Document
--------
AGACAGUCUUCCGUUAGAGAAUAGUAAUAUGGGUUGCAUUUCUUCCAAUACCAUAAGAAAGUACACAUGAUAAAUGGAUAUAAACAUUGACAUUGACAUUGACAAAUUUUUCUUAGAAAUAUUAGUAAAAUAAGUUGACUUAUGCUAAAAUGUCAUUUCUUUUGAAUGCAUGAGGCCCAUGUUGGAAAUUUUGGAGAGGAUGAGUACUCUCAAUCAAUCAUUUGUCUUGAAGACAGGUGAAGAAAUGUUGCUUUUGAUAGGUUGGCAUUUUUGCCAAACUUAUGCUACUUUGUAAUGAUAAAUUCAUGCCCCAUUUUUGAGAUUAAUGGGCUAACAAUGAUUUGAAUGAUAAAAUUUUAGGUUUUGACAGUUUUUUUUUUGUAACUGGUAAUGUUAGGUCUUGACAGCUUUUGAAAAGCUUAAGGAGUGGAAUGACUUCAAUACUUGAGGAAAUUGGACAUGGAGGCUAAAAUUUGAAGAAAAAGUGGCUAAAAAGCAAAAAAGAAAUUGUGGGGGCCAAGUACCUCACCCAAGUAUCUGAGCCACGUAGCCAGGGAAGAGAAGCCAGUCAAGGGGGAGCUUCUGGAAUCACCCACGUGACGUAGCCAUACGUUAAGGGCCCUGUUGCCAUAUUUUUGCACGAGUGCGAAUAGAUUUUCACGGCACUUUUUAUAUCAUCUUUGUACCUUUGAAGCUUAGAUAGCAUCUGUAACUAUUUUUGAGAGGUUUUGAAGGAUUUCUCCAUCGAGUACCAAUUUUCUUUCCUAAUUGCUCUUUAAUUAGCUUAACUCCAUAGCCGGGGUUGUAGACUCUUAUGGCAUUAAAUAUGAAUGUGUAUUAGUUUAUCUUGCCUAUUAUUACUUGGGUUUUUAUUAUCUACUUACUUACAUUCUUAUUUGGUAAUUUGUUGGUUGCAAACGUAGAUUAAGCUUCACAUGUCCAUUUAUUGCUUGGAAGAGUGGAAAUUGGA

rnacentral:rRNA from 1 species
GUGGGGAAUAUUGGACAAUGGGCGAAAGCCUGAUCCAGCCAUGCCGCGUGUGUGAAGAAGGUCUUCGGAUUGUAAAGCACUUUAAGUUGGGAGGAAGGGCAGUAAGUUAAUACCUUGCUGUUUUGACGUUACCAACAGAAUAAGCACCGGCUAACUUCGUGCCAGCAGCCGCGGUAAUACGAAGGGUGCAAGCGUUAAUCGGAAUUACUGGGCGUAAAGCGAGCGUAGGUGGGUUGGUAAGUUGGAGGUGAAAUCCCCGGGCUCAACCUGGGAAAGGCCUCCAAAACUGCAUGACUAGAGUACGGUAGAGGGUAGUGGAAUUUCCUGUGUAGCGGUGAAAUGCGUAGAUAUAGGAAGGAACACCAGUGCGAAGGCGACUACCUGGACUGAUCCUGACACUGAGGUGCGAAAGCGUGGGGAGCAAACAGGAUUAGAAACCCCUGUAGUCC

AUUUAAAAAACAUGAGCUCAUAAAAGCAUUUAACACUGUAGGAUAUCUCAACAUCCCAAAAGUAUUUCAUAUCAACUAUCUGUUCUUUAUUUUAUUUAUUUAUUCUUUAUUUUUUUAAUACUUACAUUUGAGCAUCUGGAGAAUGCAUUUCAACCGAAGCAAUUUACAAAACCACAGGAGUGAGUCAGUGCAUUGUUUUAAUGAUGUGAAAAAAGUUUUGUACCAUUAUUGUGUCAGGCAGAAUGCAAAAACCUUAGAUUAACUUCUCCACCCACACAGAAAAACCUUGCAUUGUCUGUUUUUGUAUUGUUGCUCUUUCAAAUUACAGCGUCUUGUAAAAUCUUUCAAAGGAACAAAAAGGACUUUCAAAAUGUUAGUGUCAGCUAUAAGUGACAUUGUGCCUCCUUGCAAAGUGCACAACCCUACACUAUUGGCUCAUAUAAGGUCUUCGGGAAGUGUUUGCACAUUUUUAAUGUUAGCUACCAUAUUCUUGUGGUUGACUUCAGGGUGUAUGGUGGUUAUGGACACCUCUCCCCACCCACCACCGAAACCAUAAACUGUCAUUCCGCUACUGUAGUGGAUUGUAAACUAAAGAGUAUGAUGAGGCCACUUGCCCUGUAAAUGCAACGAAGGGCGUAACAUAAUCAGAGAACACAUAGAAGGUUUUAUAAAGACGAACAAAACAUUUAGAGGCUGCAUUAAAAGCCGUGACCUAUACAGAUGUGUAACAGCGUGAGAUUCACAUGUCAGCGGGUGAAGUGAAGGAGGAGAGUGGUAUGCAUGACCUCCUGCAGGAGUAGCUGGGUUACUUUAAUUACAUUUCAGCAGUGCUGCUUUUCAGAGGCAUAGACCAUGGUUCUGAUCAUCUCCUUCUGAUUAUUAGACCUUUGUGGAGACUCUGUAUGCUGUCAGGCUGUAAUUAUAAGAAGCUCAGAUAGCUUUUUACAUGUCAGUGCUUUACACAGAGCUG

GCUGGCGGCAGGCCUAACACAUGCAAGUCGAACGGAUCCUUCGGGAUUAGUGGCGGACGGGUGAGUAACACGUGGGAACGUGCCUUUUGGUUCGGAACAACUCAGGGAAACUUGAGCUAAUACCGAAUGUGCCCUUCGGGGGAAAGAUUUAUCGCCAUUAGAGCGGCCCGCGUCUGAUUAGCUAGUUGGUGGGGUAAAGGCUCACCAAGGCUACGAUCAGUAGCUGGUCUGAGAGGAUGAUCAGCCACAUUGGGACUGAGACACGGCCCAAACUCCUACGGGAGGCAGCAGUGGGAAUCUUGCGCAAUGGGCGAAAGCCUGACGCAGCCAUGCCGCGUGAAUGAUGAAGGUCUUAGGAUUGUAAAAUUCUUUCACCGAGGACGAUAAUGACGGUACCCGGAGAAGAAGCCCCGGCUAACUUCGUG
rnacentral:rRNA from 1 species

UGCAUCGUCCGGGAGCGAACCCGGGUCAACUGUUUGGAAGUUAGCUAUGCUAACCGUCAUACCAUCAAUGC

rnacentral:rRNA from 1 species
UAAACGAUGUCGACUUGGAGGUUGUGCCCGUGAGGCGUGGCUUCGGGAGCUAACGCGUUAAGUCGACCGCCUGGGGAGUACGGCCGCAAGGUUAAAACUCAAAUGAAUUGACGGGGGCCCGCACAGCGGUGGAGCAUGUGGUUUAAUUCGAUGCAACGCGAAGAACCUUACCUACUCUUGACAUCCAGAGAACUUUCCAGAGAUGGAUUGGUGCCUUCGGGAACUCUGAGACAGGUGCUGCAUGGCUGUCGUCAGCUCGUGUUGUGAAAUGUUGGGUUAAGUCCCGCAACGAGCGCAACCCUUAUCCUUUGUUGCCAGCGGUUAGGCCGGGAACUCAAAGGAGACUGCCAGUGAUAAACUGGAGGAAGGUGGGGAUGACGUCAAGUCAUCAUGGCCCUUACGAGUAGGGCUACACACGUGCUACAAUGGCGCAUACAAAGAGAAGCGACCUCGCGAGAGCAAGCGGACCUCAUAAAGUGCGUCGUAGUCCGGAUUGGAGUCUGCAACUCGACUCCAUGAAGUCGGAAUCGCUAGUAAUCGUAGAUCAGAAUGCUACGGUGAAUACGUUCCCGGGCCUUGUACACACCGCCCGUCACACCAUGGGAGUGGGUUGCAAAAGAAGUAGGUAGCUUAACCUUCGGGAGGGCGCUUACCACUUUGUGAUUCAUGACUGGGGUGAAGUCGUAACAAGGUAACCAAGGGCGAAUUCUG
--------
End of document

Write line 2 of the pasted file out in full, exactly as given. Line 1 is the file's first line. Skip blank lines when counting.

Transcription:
rnacentral:rRNA from 1 species